When Kenneth Cain ’87 stepped into New York City’s Algonquin hotel for lunch in February, he looked energized. A controversial book he co-authored with two close colleagues at the United Nations, Emergency Sex and Other Desperate Measures: A True Story from Hell on Earth, had gained press attention worldwide and a deal with Miramax for a possible mini-series. The book is a diary-style account of several years the authors spent on the front lines of U.N. peacekeeping, replete with vivid details of personal lives.
He seemed most pleased, however, with the news that his good friend and co-author, Andrew Thomson, a doctor at the U.N., had not only won a reprieve from an effort to fire him, but was being promoted. When the book was published without U.N. permission in 2004, top U.N. officials accused the authors of disloyalty for their blistering account of peacekeeping failures in Somalia, Bosnia, and especially in Rwanda. U.N. officials focused their anger on Thomson (Cain had already left the organization, and the third co-author, Heidi Postlewait, was reappointed before the furor reached its peak). At Cain’s urging, Thomson, who was told his contract would not be renewed, turned to a leading whistle-blowing attorney.
“Emergency Sex,” as the New Yorker pointed out in December, “is not a typical whistle-blowing tract.” Yet the book also contains significant allegations of corruption, negligence, and failures of leadership. Whether the allegations rose to whistle-blowing status or not, the U.N. leadership apparently had second thoughts about firing Thomson. The New Yorker noted that the timing of the fracas was opportune for the authors since the U.N. has been under fire for the oil-for-food scandal and for claims of sexual harassment.
The controversy, of course, has been good for the book and stirred the interest of Hollywood. After the authors accepted Miramax’s bid, they were delighted to learn that Randall Wallace, who wrote the screenplays for Braveheart and Pearl Harbor, had been retained as the scriptwriter. They are now waiting to see if Miramax will commission a pilot episode.
Cain signed up with the U.N. as a young Harvard Law grad and left as a disappointed and angry veteran of several operations, who nonetheless still believed deeply in the mission of peacekeeping. He recently spoke to Wesleyan about his efforts to find a resolution to his experiences through writing.
Q: Were you worried that the title of the book would marginalize it?
KEN CAIN ’87: I lost nights of sleep over this question. The publishers did a focus group, and that title was off the scale in allure. At a certain point, it’s hard to argue with your publisher about what’s viable in the market. I’d be more willing to argue now. We also wanted to make sure that this wouldn’t be seen as a policy book. It’s a coming-of-age book. I think younger people are unfazed by the title. Perhaps people from another generation are less impressed. You roll the dice.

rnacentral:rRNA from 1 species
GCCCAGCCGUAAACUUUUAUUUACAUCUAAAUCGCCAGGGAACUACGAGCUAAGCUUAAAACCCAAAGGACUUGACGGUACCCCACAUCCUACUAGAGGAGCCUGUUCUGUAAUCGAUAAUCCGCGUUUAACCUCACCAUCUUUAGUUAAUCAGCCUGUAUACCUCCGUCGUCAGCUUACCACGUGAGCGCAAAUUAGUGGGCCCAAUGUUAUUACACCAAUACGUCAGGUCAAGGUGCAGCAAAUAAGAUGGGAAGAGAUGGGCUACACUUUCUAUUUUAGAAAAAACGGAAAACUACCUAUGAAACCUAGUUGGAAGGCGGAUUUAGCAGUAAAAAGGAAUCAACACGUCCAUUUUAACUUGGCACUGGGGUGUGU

Q: You and your co-authors chose to write this book in a very personal voice focused on the immediacy of daily life. Why did you stay away from a more policy-oriented approach?
KC: We had long conversations, drinking sessions, screaming matches on this subject. I had been influenced by literature from the Vietnam War?what it was like for the grunts, the moral ambiguity, the lies. Nothing about what the policy wonks were saying struck me as relevant to what had actually happened to the human beings who died in the missions I joined. I was still young enough that I found that outrageous. The ambition for the book was to capture what it truly feels like on the ground. At one moment you’re thinking about American foreign policy; in the next you’re thinking about how cute the nurse is. That terrain between the intensely personal and intensely political is an interesting one for a writer to inhabit. Everything is magnified. You’re afraid you’re going to die; your buddy just died. Also, there were plenty of people writing policy books. No one was writing in personal terms.
Q: One of your co-authors, Heidi, did not shy away from describing her romantic and sexual life in the field. Why did she focus on that?
KC: The field is a highly emotional environment. You are all jacked up on adrenalin, fear, and anger. You have a great need to reach out to the person next to you and celebrate life together. The barriers between human beings crumble. You can very quickly become intimate, and I don’t mean just sexually. That level of intimacy would take months in other situations where the boundaries are back up. As I said, we were trying to tell what it’s really like.